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South Florida homeowners may get a legislative reprieve if the Mortgage Forgiveness Debt Relief Act that expired last year gets an extension approved by both houses of Congress. The Senate Finance Committee recently approved an extension for two years that would be retroactive for the entirety of this year.

Under provisions of the law, homeowners already struggling with debt were not responsible for federal income taxes due on mortgage debts that were forgiven by lenders on loan modifications, foreclosures or short sales on their principal residences.

Before the law was enacted, forgiven debt was taxed just like income. If the break isn’t extended, borrowers will again be responsible for taxes on written-off amounts or the reduced loan principal. These taxes can be in the five figures, and can boost a taxpayer into a much higher tax bracket.

Under present conditions, if a homeowner has $100,000 of debt canceled in a short sale, he or she could now owe a minimum of $28,000 in taxes after factoring in total income.

This was vital protection to the 350,000 homeowners in America who completed short sales in 2013. More than 300,000 homeowners are likely to undergo the same process in 2014. Short sales benefit both the lender and the homeowner, as the lenders agree to accept an amount less than the mortgage’s face value, and expensive and time-consuming foreclosures on properties can be avoided.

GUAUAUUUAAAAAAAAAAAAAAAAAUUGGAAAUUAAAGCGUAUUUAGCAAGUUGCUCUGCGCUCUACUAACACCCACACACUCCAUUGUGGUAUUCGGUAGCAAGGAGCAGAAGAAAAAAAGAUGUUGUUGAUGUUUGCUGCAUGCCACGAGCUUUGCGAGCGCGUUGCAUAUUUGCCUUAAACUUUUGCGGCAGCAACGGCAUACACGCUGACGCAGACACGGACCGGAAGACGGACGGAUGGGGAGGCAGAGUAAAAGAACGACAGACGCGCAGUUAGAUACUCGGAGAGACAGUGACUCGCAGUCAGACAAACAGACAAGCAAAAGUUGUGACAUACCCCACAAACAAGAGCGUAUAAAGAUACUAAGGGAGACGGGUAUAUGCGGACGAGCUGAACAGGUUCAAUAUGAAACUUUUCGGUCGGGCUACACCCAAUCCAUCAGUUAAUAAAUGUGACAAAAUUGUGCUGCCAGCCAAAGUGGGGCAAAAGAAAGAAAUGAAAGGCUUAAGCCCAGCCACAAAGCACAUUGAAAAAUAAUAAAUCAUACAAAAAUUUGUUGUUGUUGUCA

The bill is part of an “extenders” package, and contains numerous other provisions related to consumer housing. It must pass a full Senate vote and advance to the House, where lawmakers have been loathe to approve such measures in recent years.

Loss of this tax break would be a huge blow to homeowners struggling under a mountain of accrued debt in these unstable economic times.

Depending on many factors, it can be in a homeowner’s best interest to begin anew with a clean financial slate and to consider filing Chapter 7 bankruptcy proceedings. A Florida bankruptcy attorney can offer advice regarding your individual financial situation.

Source: Herald-Tribune, “Short-sale tax break is revisited” John Hielscher, Apr. 11, 2014